252 F.3d 952 (8th Cir. 2001)
LOREN GLEN HUSS, JR., APPELLANT,
LEONARD GRAVES, WARDEN, APPELLEE.
UNITED STATES COURT OF APPEALS FOR THE EIGHTH CIRCUIT
Submitted: March 15, 2001
Filed: June 7, 2001
Appeal from the United States District Court for the Southern District of Iowa.
Before Richard S. Arnold, Fagg, and Morris Sheppard Arnold, Circuit Judges.
Morris Sheppard Arnold, Circuit Judge.
After Loren Huss was charged with the first-degree murder of his girlfriend, his attorney and the state prosecutor assigned to his case both came to the view that he was insane at the time of the killing. The parties therefore agreed to a bench trial on a stipulated record, in the belief that the only reasonable outcome was a judgment of not guilty by reason of insanity. The record at the state bench trial consisted of depositions from a psychiatrist and a psychologist who opined that Mr. Huss was not responsible for his acts, in addition to tapes and depositions describing Mr. Huss's bizarre behavior. At the conclusion of the proceeding, both the prosecutor and the defense counsel argued for a judgment of not guilty by reason of insanity.
Two months later, however, the state trial judge announced that he would not enter a judgment because he was unable to find Mr. Huss not guilty by reason of insanity due to concerns that he had about the evidence. The judge then set the case for a jury trial, holding that the proceedings to that point had been in the nature of a pretrial hearing only. At the jury trial that followed, to which Mr. Huss raised a double jeopardy objection, the prosecution aggressively sought a conviction and produced three expert witnesses who testified that Mr. Huss was sane; it also introduced photographs of the crime scene and evidence of Mr. Huss's previous convictions for crimes against women. The jury found Mr. Huss guilty, and he received a life sentence.
The Iowa Supreme Court upheld Mr. Huss's conviction on appeal. It rejected the trial court's characterization of the initial proceeding as a pretrial hearing and held instead that it was indeed a trial at which jeopardy had attached. See State v. Huss, 430 N.W.2d 621, 624 (Iowa 1988), cert. denied, 490 U.S. 1024 (1989). The court concluded, however, that double jeopardy principles did not preclude a retrial because the trial court's refusal to enter a judgment was akin to a mistrial that was granted in Mr. Huss's sole interest. See id. at 624-25.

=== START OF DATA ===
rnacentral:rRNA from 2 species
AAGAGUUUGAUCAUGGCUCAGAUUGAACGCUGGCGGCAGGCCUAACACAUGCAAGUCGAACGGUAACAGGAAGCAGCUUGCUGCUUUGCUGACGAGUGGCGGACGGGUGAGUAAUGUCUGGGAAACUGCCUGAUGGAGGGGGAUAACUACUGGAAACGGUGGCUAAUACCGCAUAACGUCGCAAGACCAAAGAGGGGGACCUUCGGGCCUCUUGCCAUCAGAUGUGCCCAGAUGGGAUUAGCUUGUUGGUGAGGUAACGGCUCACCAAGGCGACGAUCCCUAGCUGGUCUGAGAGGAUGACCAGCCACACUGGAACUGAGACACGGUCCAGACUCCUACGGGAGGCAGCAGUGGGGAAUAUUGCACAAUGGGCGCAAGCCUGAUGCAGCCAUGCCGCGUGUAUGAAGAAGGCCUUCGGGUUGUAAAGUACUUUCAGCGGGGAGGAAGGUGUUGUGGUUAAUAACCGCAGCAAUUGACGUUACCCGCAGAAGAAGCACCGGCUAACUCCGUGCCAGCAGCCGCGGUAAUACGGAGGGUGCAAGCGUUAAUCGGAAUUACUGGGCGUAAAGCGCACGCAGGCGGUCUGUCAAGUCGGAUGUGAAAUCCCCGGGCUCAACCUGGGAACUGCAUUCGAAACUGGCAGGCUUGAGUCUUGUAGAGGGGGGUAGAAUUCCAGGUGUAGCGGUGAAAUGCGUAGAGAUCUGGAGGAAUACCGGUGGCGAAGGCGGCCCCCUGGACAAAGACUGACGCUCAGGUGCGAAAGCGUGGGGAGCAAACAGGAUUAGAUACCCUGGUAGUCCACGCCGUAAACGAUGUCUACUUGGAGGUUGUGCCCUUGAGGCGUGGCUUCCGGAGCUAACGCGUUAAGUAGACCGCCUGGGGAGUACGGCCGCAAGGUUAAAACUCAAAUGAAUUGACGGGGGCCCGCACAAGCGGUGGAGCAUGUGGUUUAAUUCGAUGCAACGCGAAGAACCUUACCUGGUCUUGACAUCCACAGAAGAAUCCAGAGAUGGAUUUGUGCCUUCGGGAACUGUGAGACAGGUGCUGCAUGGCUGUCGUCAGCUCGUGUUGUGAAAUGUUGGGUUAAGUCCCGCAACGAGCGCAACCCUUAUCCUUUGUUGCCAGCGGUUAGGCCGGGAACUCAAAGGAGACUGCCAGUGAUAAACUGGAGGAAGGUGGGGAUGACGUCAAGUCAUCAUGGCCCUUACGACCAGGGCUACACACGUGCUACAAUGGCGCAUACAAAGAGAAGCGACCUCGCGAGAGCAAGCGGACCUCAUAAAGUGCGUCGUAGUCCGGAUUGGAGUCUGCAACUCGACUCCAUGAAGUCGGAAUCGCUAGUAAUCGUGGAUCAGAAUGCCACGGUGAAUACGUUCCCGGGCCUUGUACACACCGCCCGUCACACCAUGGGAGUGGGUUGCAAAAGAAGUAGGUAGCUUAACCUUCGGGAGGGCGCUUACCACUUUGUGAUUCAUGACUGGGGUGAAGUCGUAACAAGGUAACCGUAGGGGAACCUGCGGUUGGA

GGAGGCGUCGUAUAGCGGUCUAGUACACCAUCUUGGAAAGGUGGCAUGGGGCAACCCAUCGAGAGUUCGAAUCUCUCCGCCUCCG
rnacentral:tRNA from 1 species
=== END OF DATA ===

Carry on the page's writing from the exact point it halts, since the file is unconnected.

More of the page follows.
Mr. Huss then petitioned for federal habeas relief, see 28 U.S.C. § 2254, again claiming double jeopardy as grounds for relief. The district court held that the Iowa Supreme Court's determination that the initial proceeding resulted in a mistrial granted for Mr. Huss's sole benefit precluded a finding of double jeopardy and thus refused to grant the writ. This appeal followed. We hold that the Iowa Supreme Court's holding was "contrary to ... clearly established Federal law, as determined by the Supreme Court of the United States," see 28 U.S.C. § 2254(d)(1), and we therefore grant the writ on the conditions described later in this opinion.
Our power to grant habeas relief is limited. We may grant habeas relief to a state prisoner only if the decision of the state court was "contrary to, or involved an unreasonable application of, clearly established Federal law, as determined by the Supreme Court of the United States," see 28 U.S.C. § 2254(d)(1). For a state court decision to be "contrary to" federal law, the decision must be "substantially different from the relevant precedent of [the Supreme] Court," Williams v. Taylor, 529 U.S. 362, 405 (2000).
The Iowa Supreme Court, see Huss, 430 N.W.2d at 624-25, relied on Gori v. United States, 367 U.S. 364, 365, 368-69 (1961), in concluding that the double jeopardy clause does not prevent the retrial of a defendant when an earlier mistrial was entered solely for his benefit. It is true that the Supreme Court in Gori, 367 U.S. at 369, stated that it was "unwilling, where it clearly appears that a mistrial has been granted in the sole interest of the defendant, to hold that its necessary consequence is to bar all retrial." But we think that later Supreme Court decisions have significantly limited the holding in Gori.